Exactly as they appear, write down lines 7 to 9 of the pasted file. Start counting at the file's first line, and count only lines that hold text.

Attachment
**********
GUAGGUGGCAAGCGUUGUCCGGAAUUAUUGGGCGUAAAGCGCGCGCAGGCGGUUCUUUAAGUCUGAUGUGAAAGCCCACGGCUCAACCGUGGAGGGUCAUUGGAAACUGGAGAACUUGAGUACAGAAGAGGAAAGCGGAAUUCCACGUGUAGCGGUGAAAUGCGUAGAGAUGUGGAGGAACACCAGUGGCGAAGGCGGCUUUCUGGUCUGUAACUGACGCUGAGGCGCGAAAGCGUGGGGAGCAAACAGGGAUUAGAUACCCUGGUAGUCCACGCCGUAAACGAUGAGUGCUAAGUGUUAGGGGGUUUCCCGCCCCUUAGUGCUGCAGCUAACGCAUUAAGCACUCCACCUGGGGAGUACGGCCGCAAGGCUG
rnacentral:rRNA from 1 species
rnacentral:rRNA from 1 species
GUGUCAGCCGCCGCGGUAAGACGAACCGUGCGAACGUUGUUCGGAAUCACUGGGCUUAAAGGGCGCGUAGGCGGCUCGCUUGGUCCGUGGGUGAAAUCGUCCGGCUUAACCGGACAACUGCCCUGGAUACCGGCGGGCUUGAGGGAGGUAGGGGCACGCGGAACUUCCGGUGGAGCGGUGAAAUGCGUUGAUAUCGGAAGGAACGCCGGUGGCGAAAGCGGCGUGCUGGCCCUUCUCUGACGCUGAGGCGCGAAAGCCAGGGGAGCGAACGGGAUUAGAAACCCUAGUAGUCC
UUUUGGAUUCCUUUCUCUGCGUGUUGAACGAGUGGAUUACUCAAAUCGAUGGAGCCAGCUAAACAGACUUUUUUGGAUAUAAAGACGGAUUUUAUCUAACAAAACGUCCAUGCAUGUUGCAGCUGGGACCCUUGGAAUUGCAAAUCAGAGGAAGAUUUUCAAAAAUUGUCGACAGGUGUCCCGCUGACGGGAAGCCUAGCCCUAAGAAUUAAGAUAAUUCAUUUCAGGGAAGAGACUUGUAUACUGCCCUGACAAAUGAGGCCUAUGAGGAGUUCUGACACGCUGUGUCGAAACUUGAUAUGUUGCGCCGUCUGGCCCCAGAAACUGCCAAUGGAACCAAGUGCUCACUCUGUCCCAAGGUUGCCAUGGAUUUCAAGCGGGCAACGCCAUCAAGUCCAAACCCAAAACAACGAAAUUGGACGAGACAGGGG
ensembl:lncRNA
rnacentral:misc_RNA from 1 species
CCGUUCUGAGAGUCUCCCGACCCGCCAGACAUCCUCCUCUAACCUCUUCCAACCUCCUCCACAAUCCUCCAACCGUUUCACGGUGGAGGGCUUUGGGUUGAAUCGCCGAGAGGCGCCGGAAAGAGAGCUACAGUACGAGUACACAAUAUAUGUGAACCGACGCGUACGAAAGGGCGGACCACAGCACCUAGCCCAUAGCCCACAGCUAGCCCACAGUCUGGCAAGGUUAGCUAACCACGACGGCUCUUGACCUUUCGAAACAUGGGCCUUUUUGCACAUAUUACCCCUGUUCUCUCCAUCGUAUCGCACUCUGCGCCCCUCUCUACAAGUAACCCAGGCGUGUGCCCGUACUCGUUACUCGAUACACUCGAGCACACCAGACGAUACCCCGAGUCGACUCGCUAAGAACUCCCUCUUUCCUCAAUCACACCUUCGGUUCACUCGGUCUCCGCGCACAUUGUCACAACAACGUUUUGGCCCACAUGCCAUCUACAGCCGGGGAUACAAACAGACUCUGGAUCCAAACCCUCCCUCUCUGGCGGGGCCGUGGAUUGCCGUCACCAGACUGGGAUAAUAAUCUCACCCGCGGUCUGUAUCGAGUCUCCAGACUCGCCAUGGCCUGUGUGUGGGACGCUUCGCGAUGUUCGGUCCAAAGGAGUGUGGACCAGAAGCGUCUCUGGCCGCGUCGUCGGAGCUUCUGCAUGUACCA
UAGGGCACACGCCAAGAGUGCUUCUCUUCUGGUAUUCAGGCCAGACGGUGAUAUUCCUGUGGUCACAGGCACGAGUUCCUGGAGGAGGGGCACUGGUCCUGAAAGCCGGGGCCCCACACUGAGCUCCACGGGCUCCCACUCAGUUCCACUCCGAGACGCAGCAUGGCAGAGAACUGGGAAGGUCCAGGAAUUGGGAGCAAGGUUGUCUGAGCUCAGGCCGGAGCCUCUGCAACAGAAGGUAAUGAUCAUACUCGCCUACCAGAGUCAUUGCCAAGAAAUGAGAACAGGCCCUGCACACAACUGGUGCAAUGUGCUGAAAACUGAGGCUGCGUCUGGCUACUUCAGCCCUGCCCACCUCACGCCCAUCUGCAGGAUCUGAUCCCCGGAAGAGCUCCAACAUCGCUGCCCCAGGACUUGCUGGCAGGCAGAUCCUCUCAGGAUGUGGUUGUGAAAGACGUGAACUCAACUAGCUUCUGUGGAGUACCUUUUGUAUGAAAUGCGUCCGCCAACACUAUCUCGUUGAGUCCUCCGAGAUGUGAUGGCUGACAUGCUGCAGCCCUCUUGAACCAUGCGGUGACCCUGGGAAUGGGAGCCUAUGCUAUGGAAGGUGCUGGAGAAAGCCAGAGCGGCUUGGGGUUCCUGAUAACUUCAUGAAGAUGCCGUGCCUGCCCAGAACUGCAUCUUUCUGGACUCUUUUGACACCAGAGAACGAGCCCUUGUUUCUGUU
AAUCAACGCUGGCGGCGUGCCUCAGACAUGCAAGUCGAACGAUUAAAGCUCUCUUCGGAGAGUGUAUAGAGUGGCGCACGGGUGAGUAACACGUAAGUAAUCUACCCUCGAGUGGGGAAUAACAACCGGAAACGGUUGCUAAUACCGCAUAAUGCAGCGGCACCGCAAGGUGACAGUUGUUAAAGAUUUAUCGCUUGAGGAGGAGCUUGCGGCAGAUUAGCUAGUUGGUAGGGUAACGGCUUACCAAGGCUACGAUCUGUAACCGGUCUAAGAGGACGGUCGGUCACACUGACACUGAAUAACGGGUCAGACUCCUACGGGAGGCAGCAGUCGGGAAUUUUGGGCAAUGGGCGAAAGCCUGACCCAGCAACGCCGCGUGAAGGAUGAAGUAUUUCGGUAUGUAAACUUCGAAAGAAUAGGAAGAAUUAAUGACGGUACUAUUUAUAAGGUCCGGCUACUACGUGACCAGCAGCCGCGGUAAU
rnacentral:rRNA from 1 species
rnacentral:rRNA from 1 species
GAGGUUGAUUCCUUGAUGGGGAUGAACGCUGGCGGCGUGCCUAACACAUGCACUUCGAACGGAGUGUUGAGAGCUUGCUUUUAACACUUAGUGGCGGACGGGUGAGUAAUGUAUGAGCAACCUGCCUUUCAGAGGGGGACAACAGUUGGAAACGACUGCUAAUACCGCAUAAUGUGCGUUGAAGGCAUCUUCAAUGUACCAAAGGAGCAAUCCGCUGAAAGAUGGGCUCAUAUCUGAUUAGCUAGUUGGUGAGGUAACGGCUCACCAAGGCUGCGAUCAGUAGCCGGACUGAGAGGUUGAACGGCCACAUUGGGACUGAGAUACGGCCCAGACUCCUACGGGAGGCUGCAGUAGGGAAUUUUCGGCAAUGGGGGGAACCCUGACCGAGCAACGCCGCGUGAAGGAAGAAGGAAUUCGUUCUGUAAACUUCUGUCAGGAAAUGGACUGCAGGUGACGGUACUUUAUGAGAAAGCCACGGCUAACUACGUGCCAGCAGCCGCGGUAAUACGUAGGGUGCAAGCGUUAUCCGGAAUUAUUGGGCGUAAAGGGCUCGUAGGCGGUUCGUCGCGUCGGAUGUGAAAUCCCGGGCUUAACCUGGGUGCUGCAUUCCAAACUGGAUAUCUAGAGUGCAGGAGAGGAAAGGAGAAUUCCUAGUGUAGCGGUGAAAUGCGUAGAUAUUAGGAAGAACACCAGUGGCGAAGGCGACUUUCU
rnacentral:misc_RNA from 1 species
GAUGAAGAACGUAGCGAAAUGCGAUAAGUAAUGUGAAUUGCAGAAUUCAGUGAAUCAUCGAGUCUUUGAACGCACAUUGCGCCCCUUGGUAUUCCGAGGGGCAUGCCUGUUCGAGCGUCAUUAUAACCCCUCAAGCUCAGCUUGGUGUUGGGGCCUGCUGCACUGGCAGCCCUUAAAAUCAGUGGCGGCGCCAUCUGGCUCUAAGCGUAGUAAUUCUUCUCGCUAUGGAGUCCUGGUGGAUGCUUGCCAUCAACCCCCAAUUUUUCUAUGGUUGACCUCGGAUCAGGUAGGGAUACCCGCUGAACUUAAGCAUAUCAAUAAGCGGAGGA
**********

rnacentral:misc_RNA from 1 species
CCGUUCUGAGAGUCUCCCGACCCGCCAGACAUCCUCCUCUAACCUCUUCCAACCUCCUCCACAAUCCUCCAACCGUUUCACGGUGGAGGGCUUUGGGUUGAAUCGCCGAGAGGCGCCGGAAAGAGAGCUACAGUACGAGUACACAAUAUAUGUGAACCGACGCGUACGAAAGGGCGGACCACAGCACCUAGCCCAUAGCCCACAGCUAGCCCACAGUCUGGCAAGGUUAGCUAACCACGACGGCUCUUGACCUUUCGAAACAUGGGCCUUUUUGCACAUAUUACCCCUGUUCUCUCCAUCGUAUCGCACUCUGCGCCCCUCUCUACAAGUAACCCAGGCGUGUGCCCGUACUCGUUACUCGAUACACUCGAGCACACCAGACGAUACCCCGAGUCGACUCGCUAAGAACUCCCUCUUUCCUCAAUCACACCUUCGGUUCACUCGGUCUCCGCGCACAUUGUCACAACAACGUUUUGGCCCACAUGCCAUCUACAGCCGGGGAUACAAACAGACUCUGGAUCCAAACCCUCCCUCUCUGGCGGGGCCGUGGAUUGCCGUCACCAGACUGGGAUAAUAAUCUCACCCGCGGUCUGUAUCGAGUCUCCAGACUCGCCAUGGCCUGUGUGUGGGACGCUUCGCGAUGUUCGGUCCAAAGGAGUGUGGACCAGAAGCGUCUCUGGCCGCGUCGUCGGAGCUUCUGCAUGUACCA
UAGGGCACACGCCAAGAGUGCUUCUCUUCUGGUAUUCAGGCCAGACGGUGAUAUUCCUGUGGUCACAGGCACGAGUUCCUGGAGGAGGGGCACUGGUCCUGAAAGCCGGGGCCCCACACUGAGCUCCACGGGCUCCCACUCAGUUCCACUCCGAGACGCAGCAUGGCAGAGAACUGGGAAGGUCCAGGAAUUGGGAGCAAGGUUGUCUGAGCUCAGGCCGGAGCCUCUGCAACAGAAGGUAAUGAUCAUACUCGCCUACCAGAGUCAUUGCCAAGAAAUGAGAACAGGCCCUGCACACAACUGGUGCAAUGUGCUGAAAACUGAGGCUGCGUCUGGCUACUUCAGCCCUGCCCACCUCACGCCCAUCUGCAGGAUCUGAUCCCCGGAAGAGCUCCAACAUCGCUGCCCCAGGACUUGCUGGCAGGCAGAUCCUCUCAGGAUGUGGUUGUGAAAGACGUGAACUCAACUAGCUUCUGUGGAGUACCUUUUGUAUGAAAUGCGUCCGCCAACACUAUCUCGUUGAGUCCUCCGAGAUGUGAUGGCUGACAUGCUGCAGCCCUCUUGAACCAUGCGGUGACCCUGGGAAUGGGAGCCUAUGCUAUGGAAGGUGCUGGAGAAAGCCAGAGCGGCUUGGGGUUCCUGAUAACUUCAUGAAGAUGCCGUGCCUGCCCAGAACUGCAUCUUUCUGGACUCUUUUGACACCAGAGAACGAGCCCUUGUUUCUGUU